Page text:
Bogart's 'secretary and mistress' dies in New Orleans
Verita Bouvaire Thompson, the reputed long-time mistress and confidante of Humphrey Bogart, has died. She was 89.
Thompson died of natural causes at JoEllen Smith Living Centre on February 1, according to her boyfriend, Dean Shapiro (58), a New Orleans writer.
In 1982, Thompson wrote a revelatory book called Bogie and Me: A Love Story in which she described a 14-year secret love affair with Bogart that overlapped his marriage to Lauren Bacall. Subsequent Bogart biographies corroborated her story.
Between 1950 and 1956, Thompson travelled with Bogart and prepared his toupees, made his Scotch-and-soda drinks and responded to his fan mail.
She was described as Bogart’s “toupee-minder, bartender, boat-mate, traveling companion, confidante, adviser and mistress” in Jeffrey Meyers’s biography Bogart: A Life in Hollywood.
“It’s hard for people to accept that the Bogie and Bacall myth wasn’t really what it was,” Shapiro said.
“They were supposed to be this great Hollywood couple, but Bogie was carrying on with Verita on the side.”
Thompson and Bogart were a perfect fit for each other, Shapiro said. “She could trade cuss word for cuss word and shot for shot with him. She liked to drink, he liked to drink,” he said. “They did a lot of crazy things together.”
Estelle Mackey, a 25-year friend of Thompson’s from Santa Monica, California, said Thompson taught her “to live your life to the fullest and enjoy every day because you don’t know what’s going to happen and you can sleep when you’re dead”.
All the way to her death, her friends said, Thompson adhered to a striking style and outlook reminiscent of the 1940s and Bogart’s movies, dressing in Chanel suits, high heels, hat and gloves—with a whiskey smash in hand.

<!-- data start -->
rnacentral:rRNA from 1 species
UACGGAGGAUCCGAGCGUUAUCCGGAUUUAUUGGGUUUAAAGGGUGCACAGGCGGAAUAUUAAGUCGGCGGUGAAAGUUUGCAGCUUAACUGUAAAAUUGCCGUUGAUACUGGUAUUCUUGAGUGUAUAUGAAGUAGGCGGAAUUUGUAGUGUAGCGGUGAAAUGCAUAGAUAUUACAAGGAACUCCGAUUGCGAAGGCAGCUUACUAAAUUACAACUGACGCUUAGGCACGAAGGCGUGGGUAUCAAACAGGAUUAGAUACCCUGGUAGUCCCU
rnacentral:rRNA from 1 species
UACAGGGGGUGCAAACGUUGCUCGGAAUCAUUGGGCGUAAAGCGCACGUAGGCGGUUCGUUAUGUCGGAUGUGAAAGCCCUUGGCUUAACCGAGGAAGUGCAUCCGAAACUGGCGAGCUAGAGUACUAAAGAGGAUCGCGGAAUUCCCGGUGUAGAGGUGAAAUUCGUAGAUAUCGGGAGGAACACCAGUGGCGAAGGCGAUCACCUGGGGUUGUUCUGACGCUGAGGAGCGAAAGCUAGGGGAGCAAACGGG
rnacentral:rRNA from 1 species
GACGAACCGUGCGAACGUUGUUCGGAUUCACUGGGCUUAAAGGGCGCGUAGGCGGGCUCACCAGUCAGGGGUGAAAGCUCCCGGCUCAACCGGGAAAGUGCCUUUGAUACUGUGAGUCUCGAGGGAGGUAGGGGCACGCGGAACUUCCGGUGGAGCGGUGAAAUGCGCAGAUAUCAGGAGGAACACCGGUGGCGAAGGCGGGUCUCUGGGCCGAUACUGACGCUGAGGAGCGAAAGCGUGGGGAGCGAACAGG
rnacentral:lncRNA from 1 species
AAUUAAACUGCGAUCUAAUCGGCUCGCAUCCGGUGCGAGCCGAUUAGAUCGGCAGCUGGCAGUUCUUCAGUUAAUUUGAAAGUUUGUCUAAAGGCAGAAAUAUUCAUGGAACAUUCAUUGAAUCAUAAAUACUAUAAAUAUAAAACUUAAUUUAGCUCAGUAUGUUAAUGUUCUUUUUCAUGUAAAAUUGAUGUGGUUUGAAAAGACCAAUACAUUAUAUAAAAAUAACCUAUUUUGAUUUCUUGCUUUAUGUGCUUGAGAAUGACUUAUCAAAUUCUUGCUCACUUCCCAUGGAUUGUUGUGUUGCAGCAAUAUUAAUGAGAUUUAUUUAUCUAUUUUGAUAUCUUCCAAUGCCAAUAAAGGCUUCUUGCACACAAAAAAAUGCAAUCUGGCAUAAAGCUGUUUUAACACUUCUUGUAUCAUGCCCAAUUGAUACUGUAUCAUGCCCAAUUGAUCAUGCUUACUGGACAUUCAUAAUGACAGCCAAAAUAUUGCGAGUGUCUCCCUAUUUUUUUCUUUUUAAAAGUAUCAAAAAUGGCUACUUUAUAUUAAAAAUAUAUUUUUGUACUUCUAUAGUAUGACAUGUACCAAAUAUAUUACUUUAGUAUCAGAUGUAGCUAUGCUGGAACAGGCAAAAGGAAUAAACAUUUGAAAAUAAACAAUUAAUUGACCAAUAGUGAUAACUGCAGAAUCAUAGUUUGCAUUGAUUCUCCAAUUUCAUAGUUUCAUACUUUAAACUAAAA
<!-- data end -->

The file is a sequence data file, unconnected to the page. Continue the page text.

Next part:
“Her idea of water was like WC Fields’s idea of water: you dunk your hands in it to clean them,” Mackey said.
Born in 1918 in Nogales, Arizona, Thompson was raised by her paternal grandparents and lived most of her youth in northern Mexico. After being named runner-up in the 1935 Miss Arizona Pageant, she moved to Hollywood and got a small part in a Western film before taking up residence in Mexico City where she studied wig making.
She found work as a hairstylist in Hollywood and worked for Gary Cooper, Charles Boyer, George Raft and Ray Milland, Shapiro said.
Thompson met Bogart at a cast wrap-up party for the blockbuster film Casablanca in 1942.
“Bogie didn’t like to dance, but honey, we danced the night away and from that day on, we were lovers,” she said in an interview with the Times-Picayune newspaper in 1998.
“He called me ‘Pete’, introduced me as his ‘secretary and mistress’, because he said, ‘That’ll throw ‘em off; they’ll think it’s a rib,’” she said in the interview. “He kidded me constantly. He was a sweet guy, a fascinating guy and oh, darlin’, did we had fun!”
When the affair began, Bogart was married to actress Mayo Methot and Thompson to her first husband, Robert Peterson, Shapiro said. He said the clandestine affair lasted until Thompson’s marriage to cinematographer Walter Thompson in 1955, overlapping Bogart’s marriage to Bacall. Bogart died in 1957.
Later, she entered the restaurant business and opened Verita’s La Cantina on Sunset Boulevard in Hollywood and followed that with several other restaurants. She moved to Natchez, Mississippi, in the late 1980s and began living in New Orleans in the 1990s, where she opened a piano bar in the French Quarter called Bogie and Me.—Sapa-AP